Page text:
Television has radically changed the way we entertain ourselves inside and outside the home. From its invention until today, never before has it been so pleasant to enjoy its contents.
Watching television is without a doubt one of the simplest pleasures in life. It’s a traditional way to relax any day of the week and share unforgettable moments with friends during a great game on TV. From its invention to this day, watching movies and TV shows at home from an Ultra HD television has never been more enjoyable.
But television as we know it today was not always like this. Obviously, much progress has been made since the advent of black and white television or since the first broadcast of color television. We invite you to take a tour through those most memorable moments.
No one can say for sure who invented the television, of course it was the result of the incessant efforts of various people, spanning several decades across different continents. It is generally accepted that the first television pictures were produced in the 1920s, and that some of the first televisions were made in the 1930s. Their image quality and screen size were extremely limited; the screens were no larger than 3 cm wide, and provided blurry images with shades between reddish and orange.
It was with the advent of electronic television that this device really began to show its potential as the future mainstay of the room. Using cathode ray tubes to display images, the first successful demonstration of electronic television was a simple line and took place in 1927, by 21-year-old inventor Philo Taylor Farnsworth. To be sure, when we think about the incredibly realistic images we see today on Samsung’s quantum dot displays, there is no denying the impressive progress that has been made over the years?
First television show
Of course, television as we know it today would not have really existed without all the television programs that continue to dominate informal conversations to this day. Like the movie “The Queen’s Messenger,” the first drama to aired and aired on television in 1928. Obviously, it was before the days of the Ultra Slim TV and the Ultra HD TV. The quantum dot screens, and not to mention the normal color television.
First live sporting event
In 1936, Berlin was the host city for the Summer Olympics and would be the first sporting event to be broadcast on television. Athletes from the Olympic Village and about 150,000 people watched a total of 72 hours of coverage in special viewing rooms, called Public Television in Berlin and Potsdam.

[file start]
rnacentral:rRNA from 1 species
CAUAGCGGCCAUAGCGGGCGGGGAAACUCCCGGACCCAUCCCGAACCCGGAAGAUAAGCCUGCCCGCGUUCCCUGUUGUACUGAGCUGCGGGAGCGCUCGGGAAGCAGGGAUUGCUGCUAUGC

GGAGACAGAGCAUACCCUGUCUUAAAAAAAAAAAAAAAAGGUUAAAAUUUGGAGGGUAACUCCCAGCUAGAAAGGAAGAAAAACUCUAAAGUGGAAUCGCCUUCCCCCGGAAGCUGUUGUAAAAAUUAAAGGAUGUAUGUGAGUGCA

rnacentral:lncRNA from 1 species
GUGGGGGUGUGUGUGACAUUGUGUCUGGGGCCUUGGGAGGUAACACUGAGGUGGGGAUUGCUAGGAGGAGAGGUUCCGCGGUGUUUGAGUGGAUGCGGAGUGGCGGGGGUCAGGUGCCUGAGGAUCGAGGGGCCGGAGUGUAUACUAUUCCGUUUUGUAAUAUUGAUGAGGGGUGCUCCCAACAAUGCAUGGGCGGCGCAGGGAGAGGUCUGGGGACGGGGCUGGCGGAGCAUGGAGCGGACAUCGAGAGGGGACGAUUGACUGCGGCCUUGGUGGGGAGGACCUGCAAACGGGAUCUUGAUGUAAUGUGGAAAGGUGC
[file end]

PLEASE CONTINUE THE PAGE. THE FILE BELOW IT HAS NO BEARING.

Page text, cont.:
It was in 1938 that efforts to produce color images using three monochrome images began almost as soon as black and white televisions were manufactured. The world’s first color broadcast took place just one year after the first successful electronic television demonstration. Made by Scottish inventor John Baird, it also managed to make the world’s first color broadcast a decade later.
First man on the moon
As color television made its way around the world, history was being written in outer space. On July 20, 1969, the Apollo 11 spacecraft landed on the moon. The event was broadcast live to audiences around the world. And while a fifth of humanity gazed breathlessly on Earth, Neil Armstrong left the first human footprint on the lunar surface and declared: “It is a small step for man; a great leap for humanity”.
First Samsung TV
In 1970, the Samsung Electronics company was established, exclusively selling home appliances. During that same year, with just 45 employees, Samsung developed its first television – a 12-inch black-and-white model called the P-3202. And it wasn’t long before it took over as the steadfast market leader in the world of televisions. In 1976, Samsung sold more than a million units in Korea alone. And, in just two years, it reached the 4 million mark, making it the producer of the highest number of black and white televisions in the world.
The biggest step that has been taken in the technological evolution of television from the color television was digital television. There was no comparable image quality. Digital TV was just better. And with the choice of MPEG-2 as the world standard, the stage was set and Samsung was ready.
Samsung SUHD TV
And that’s how we arrived in the era of the ultra-slim, Ultra HD TV like the Samsung SUHD TV with HDR (high dynamic range) capability. Based on quantum dot technology, the SUHD TV produces up to 64 times more color variations than conventional 8-bit panel TVs – which is nearly 1 billion color hues. And with quantum dot displays, you also get HDR (up to 1000 units in fact), which produces colors in lighter areas and subtle details in the shadows.
Samsung QLED TV
The new Quantum dots allow the Samsung QLED TV to express deep blacks and rich details, regardless of how light or dark the scene is, or whether the content is played in a light or dark room. Essentially, it is the world in all its glorious color and detail right there in our home.
Throughout this time, television has been instrumental in bringing unforgettable and intense moments to people around the world. Imagine, for a moment, how incredible it would have been to see Neil Armstrong’s first step on the moon in Quantum Dot. So again we have the entire universe in front of us. Who knows, the next big moment could be the first step on Mars.